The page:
ANNAPOLIS, FEB. 2 -- A controversial intertrack betting system advocated by the horse racing industry advanced in the Maryland Senate today after it was amended to strip the state Racing Commission of some of its authority to approve future innovations sought by the industry.
The emergency legislation would for the first time permit patrons at the Sports Palace at Laurel Race Course to watch races at Pimlico in Baltimore on large-screen televisions and bet on them from Laurel. Simulcasting, as it is known, would increase the overall handle at Laurel because it would allow wagering on days when there are no races being run there.
Simulcasting has spawned half a dozen political brush fires since it was first proposed last spring, and today's action, a precursor to a final vote on the bill in the Senate this week, represents a mixed decision for the state's racing industry.
While simulcasting would increase betting by an estimated $4.2 million during the Pimlico season, the amendments to the bill require General Assembly approval of other wagering and track matters that the Racing Commission can now decide.
"This does put a limitation on the future power of the Racing Commission, but I think that limitation is in the public's best interest," said Sen. Julian L. Lapides (D-Baltimore), sponsor of the amendments.
But Del. Paul Weisengoff (D-Baltimore), racing's chief proponent in the legislature, termed the amendments "ridiculous."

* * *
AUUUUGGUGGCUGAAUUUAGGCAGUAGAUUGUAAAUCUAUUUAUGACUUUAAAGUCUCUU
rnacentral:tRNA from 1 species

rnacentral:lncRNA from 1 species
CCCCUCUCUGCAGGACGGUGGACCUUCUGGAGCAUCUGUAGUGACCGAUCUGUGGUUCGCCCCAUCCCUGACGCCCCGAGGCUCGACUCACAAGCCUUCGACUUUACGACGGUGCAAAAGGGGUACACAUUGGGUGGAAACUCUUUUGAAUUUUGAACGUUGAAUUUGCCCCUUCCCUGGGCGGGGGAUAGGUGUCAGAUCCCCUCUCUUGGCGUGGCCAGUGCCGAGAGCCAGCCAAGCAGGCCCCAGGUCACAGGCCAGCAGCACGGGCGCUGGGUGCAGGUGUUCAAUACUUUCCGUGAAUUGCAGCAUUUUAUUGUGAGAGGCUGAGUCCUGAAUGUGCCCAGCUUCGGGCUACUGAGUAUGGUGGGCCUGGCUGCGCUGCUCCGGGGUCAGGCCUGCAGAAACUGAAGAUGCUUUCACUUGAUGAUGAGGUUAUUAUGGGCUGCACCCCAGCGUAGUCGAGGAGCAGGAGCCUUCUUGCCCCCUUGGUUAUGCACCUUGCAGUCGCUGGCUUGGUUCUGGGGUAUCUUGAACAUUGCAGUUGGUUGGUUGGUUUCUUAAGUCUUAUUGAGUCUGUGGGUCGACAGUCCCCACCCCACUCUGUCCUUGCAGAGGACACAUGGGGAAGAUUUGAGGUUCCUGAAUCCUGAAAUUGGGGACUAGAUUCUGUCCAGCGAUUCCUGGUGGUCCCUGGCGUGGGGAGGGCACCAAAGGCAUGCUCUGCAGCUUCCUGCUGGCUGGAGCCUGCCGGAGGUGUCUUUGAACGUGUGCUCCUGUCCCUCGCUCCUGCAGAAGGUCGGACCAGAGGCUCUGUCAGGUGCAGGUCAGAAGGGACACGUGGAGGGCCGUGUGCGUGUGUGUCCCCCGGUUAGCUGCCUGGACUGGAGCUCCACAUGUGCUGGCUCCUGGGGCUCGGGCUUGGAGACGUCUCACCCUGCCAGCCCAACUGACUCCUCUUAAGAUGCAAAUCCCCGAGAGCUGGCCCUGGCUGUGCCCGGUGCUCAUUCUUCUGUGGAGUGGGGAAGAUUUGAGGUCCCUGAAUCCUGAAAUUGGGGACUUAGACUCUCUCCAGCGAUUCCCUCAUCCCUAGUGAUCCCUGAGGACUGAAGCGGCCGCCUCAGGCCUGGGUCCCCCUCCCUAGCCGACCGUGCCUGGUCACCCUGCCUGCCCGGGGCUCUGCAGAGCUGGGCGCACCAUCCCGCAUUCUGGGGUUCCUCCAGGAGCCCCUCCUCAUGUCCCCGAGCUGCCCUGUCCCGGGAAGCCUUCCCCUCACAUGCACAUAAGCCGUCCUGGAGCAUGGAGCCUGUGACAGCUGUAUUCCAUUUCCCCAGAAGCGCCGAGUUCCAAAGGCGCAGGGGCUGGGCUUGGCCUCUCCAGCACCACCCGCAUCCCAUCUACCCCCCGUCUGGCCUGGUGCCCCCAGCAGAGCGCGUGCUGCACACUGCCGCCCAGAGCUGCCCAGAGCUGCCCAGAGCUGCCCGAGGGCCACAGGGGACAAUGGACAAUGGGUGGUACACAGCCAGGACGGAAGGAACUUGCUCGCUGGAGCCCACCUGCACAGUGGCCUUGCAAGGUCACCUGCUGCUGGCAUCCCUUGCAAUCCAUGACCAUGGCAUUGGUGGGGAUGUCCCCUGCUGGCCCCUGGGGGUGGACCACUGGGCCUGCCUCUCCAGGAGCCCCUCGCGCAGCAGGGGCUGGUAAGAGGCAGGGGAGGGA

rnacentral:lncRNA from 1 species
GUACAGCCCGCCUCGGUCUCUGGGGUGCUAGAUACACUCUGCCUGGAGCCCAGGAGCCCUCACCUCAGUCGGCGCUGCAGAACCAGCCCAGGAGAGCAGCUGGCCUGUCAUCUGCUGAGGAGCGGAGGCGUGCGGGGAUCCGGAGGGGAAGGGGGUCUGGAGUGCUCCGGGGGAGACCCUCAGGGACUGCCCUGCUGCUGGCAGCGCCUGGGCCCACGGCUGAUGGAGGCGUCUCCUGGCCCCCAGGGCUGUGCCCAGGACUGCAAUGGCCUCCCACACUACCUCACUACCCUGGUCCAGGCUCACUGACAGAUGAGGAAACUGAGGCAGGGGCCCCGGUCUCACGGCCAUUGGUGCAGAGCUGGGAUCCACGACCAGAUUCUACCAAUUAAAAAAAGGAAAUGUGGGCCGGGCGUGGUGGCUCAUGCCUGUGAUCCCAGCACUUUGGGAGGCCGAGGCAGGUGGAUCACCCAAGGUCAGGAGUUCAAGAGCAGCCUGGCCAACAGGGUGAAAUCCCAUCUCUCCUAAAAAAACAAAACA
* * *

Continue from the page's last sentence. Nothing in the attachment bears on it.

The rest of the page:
"It's taking away all the authority of the Racing Commission," said Weisengoff, adding that when the bill is sent to the House, "we'll make it right, one way or the other."
Lapides said his amendments address "areas most subject to abuse" in the future and are needed because the Racing Commission "is not representing the public, they're representing the industry."
The amendments, adopted 26 to 17, would prohibit the Racing Commission from expanding intertrack wagering without approval by the legislature. Also, they would scale back the commission's authority in two other areas.
First, they would require that the introduction of breeds other than thoroughbreds at Maryland tracks be approved by the legislature. Currently, the Racing Commission is considering whether to allow Arabian horses to compete on Maryland tracks.
Second, the amendments would require legislative approval of any change in the type of wagering permitted at Maryland tracks. That would include additional betting formulas, such as the once-popular "Pick 6" and the "Double Triple" that is popular now.
The simulcasting issue has been controversial since it was first proposed as a regulatory change by racing magnate Frank De Francis last spring. The Department of Licensing and Regulation first denied the request, then approved it as an emergency measure, which required the approval of a legislative committee.
When legislators questioned whether it was a true emergency, state Attorney General J. Joseph Curran Jr. said that it was but that it was a "close call." Then a De Francis partner donated $1,000 to the Baltimore City Council campaign of the legislative committee chairman, raising questions about whether he was trying to influence the committee's approval.
When it appeared that simulcasting might be adopted by the Racing Commission as a normal regulation, without legislative approval as an emergency regulation, Senate President Thomas V. Mike Miller Jr. (D-Clinton) drafted the bill that could take the issue out of the commission's hands.